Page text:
Thursday, June 23, 2011

Fast Food Review: Carl's Jr. Hand-Breaded Chicken Fillet Sandwich

I never really decided how I feel about the Carl's Jr. Hand Breaded Chicken Tenders: the first time I tried them (at the Carl's in Hastings Ranch) they were delicious: crispy, juicy, and literally too hot to handle. The second time I tried them, as an excuse to try out the "Kickin' Asian Sweet & Spicy Sauce" (at the location on Lake Ave) they were terrible: shriveled, burnt, and barely lukewarm.

The owner of that location emailed me and offered me a free meal as an apology, but I never responded. There are only so many meals you can eat in a lifetime, you know? Repeated meals of Double Doubles, dim sum, pizza, Belgian fries, Bald Eagle, lobster rolls, prime steaks... these are all understandable. But I just didn't feel the need to return and eat chicken tenders that had previously been terrible. Even for free.

Besides, I'm not a big fan of Carl's Jr. anyway. If I listed my favorite fast food chains, Carl's would be a lot closer to the bottom than to places like In-N-Out, Fatburger, Del Taco, and Popeyes, where I almost always enjoy my meal. (I believe I have a 100% satisfaction rate in what have literally been hundreds of meals at In-N-Out.) So I let it go. The only two times I have eaten at Carl's in 2011 were trying the turkey burger when it first came out and trying the habanero bacon cheeseburger in Orange County. Both were bad.

Yesterday I read about Carl's newest concept: hand-breaded chicken, this time in fillet form, in a sandwich. I do love a good fried chicken sandwich. I doubted Carl's take on it could be anywhere near as good as Church's fantastic Southern Style Chicken Sandwich, but still I thought it would be worth a shot. Especially once I printed out a $1-off coupon from the Carl's Jr. website - knocking the pre-tax price down from $4.29 to $3.29

I went through the drive-through. Normally I hate doing that, but I figured with only one item they couldn't screw it up too badly. I ordered the sandwich and waited for several minutes. But at least it gave me time to text with my friend Bryce about the crazy Lamar Odom trade rumors. And take a picture of the coupon... you know, in case you doubted my claim to have one.

At first glance, the sandwich looked good: a thick piece of chicken, dark golden-brown all over. This clearly was not like the lousy, bald-in-some-places chicken strips I had on my second attempt at the tenders.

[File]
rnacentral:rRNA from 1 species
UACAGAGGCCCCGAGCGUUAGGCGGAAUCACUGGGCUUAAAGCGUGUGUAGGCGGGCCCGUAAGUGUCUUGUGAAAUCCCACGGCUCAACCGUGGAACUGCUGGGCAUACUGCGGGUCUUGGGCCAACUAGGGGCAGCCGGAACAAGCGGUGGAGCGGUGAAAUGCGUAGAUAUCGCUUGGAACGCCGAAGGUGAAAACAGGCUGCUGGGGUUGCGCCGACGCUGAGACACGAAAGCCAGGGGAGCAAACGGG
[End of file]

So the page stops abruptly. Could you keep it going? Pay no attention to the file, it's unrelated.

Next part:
I'm not sure the sandwich needs mayonnaise. I am sure it doesn't need this much of it.

This will sound like damning with faint praise: it was decent. The chicken was thick and juicy and the breading was crispy. This was reminiscent of the first time I tried their chicken tenders. But the whole thing was relatively bland. The bun was the same slightly-stale bun that Carl's Jr. always uses. The breading was flavorless and started sliding off the chicken after two bites. I shook some hot sauce onto the sandwich, which improved it a lot.

With the coupon, it is barely worth it. At the full $4.29 price, it is not. The Church's sandwich was $1.99 and was bigger, much more flavorful, and served on a soft, fresh bun.

If I'm on a stretch of highway somewhere and Carl's Jr. is the only fast food place, I would get one of these chicken fillet sandwiches again, and I would not be too upset about that. Barring that, I do not envision any scenario in which I will ever eat one again. When it comes to fried chicken sandwiches, there are just way too many better options around.


Stephen said...

I am not a big fan of Carl's Jr. either, although in my youth it was the source of my favorite sandwich. We would eat there sometimes after East Pasadena Little League games. The store design was a little different then, almost a hybrid between a fast food restaurant and a full service restaurant. The restaurants had very comfortable, fully padded booths, somewhat dimmed lighting in the dining area and your food was served to you at the table. The sandwich I loved was called the "California Roast Beef Sandwich". It was a hot sandwich with sliced roast beef, Swiss cheese (more like white American cheese in actuality), an over-sized Ortega chili, and aus jus on a French roll. It was very good. I understand that it was brought back for a period a couple of years ago, but the reviews were tepid as many claimed it was not the same as the original sandwich.

Heather J said...

I love how you make burrata and roasted pepper pizza with old Mondavi Cab one day then eat a fast food chicken sandwich the next!

Anonymous said...

needs tomato and onion or in PP's case, just onion

ben wideman said...

I wonder if it contains any wood byproduct?

Julien said...

I decided I would skip this after seeing the name; I wonder how much of the breading process is performed by hand, and I'm not even saying skilled hands.

JustinM said...

Stephen: I feel like I might remember that, but it's possible I just remember seeing pictures of it on other websites. There was an In-N-Out by my school (and where my mom taught) so I ate there a lot when I was a kid, but other than that, fast food was not much of a part of my life at all. Sure, every once in a while my grandmother took me to McDonald's or one of my parents took me to Del Taco (I've always loved their crinkle-cut fries) but places like Carl's Jr., Taco Bell, Wendy's... I don't ever remember eating at any of them as a kid.

Heather: I am nothing if not versatile.

Anon: It had tomato, I just got rid of it.

Ben: At least wood is natural, right? It could always be worse.

Julien: The commercials make it seem like they dip each piece of chicken for you when you order it. The first time I ever tried them I went in to a really busy Carl's, and I assure you, they were dumping already-breaded chicken out of a bag into the oil.